Guinea pigs make a great family pet. They are a great choice of pet for elementary school children as well. These pets will keep your children busy and away from television and mobile phones as they require 3-4 hour floor time.

Guinea pigs also teach your children a sense of responsibility. They make a great pet for children because they live longer than the hamster and other small pets and are not so fragile as rabbits.

Your children will enjoy watching your guinea pig as they are very energetic and curious. Often they will borrow and hide around the cage and pop up amusing us. They will also run around the entire room and circle every corner if left on the floor.

Note: Keep children under adult supervision when they are handling the pet. Leaving them alone can be harmful to either one of them.

Guinea pigs are easy to take care of

As long as you feed your guinea pigs properly and take proper care of them, they won’t get ill that easily. Guinea pigs have a vegan diet that is easy to take care of and often produces less smell than dogs and cats.

In a stable environment, guinea pigs are very less susceptible to diseases. This makes them a hardy pet for our home. Guinea pigs also don’t require any special dietary supplements or medication than other mainstream pets like dogs.

The dietary needs of a guinea pig are straightforward. Most of their diet is hay, which is around 80%. While 10-15% of their diet contains fresh vegetables or pellets, only 5% of their diet contains treats and fresh fruit. Except for this, you will need to give them a freshwater source, and you are done.

You can learn more about their diet on our A-Z complete guide on Guinea pig diet

Note: Guinea pigs do require fresh food and water daily. Also, they must have access to fresh hay all the time.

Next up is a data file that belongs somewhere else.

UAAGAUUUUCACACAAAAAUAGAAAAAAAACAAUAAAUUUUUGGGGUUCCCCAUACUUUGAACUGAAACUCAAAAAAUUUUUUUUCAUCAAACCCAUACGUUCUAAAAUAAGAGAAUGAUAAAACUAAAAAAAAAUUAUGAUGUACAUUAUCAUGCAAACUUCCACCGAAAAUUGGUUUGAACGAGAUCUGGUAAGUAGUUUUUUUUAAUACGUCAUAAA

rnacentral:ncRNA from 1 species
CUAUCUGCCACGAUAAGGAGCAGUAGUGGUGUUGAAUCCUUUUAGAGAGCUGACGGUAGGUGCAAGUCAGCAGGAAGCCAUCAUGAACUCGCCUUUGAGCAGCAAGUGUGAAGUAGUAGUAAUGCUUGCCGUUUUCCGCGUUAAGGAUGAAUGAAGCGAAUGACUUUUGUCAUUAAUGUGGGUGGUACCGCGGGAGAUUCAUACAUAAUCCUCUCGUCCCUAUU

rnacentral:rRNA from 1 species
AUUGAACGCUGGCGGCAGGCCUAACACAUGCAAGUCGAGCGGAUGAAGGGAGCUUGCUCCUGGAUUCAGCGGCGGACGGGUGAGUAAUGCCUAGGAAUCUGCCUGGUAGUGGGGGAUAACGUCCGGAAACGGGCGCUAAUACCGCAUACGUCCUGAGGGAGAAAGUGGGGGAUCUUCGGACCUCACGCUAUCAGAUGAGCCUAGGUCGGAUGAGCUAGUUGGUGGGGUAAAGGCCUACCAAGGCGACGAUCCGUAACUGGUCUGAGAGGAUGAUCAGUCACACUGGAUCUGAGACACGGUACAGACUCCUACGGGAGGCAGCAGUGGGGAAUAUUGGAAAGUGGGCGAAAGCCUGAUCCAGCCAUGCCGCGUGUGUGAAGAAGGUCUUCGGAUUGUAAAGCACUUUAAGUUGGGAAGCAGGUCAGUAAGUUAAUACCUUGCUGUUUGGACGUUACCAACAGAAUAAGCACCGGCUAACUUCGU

Guinea pigs are Hygienic

Guinea pigs are as clean as you keep them.

They like to keep themselves clean. If you maintain the guinea pig cage properly and keep their living area clean, then you will not have to bathe the guinea pig regularly. Guinea pigs need a bath every 5-6 months or so.

If you can maintain a clean environment, then there will be no smell or as such. Many people will complain about their guinea pig smelling.

This is the cause of non-maintenance of proper living conditions. If your guinea pigs walk and live in a cage full of poop, it will obviously stink in a few days.

Guinea pigs like to groom themselves all the time. If you watch closely, you will often notice guinea pig using a white grease-like substance, which they secrete from their corner of the eyes to groom their fur. This often keeps the fur smooth and clean.

Guinea pigs have a Sweet and Docile Personality

If you keep your guinea pig healthy and care for them properly, then it can be one of the most rewarded pets in the hobby. Guinea pigs are often known for their personality.

Guinea pigs are social animals who love to live in a group. They are more like community pets, which you can keep in a group and expect nothing to go wrong until you care for them properly.

They have a calm and docile personality. Most of them like to live peacefully, but there are a few exceptions always.

Guinea pigs are also very interactive with their owners. Often, when I get back from work, I find the piggies standing by the cage popcorning and waiting to be fed by me.

They make sure to greet you with enthusiasm when you get around them.

Guinea pigs love to be cuddled and petted

If you have owned a bird-like Cockatiel, hamster, or rabbit, you might have noticed that they don’t like to be petted or cuddled much. Often you will get scratched or bitten when you try to do so. But with guinea pigs, the story is completely different.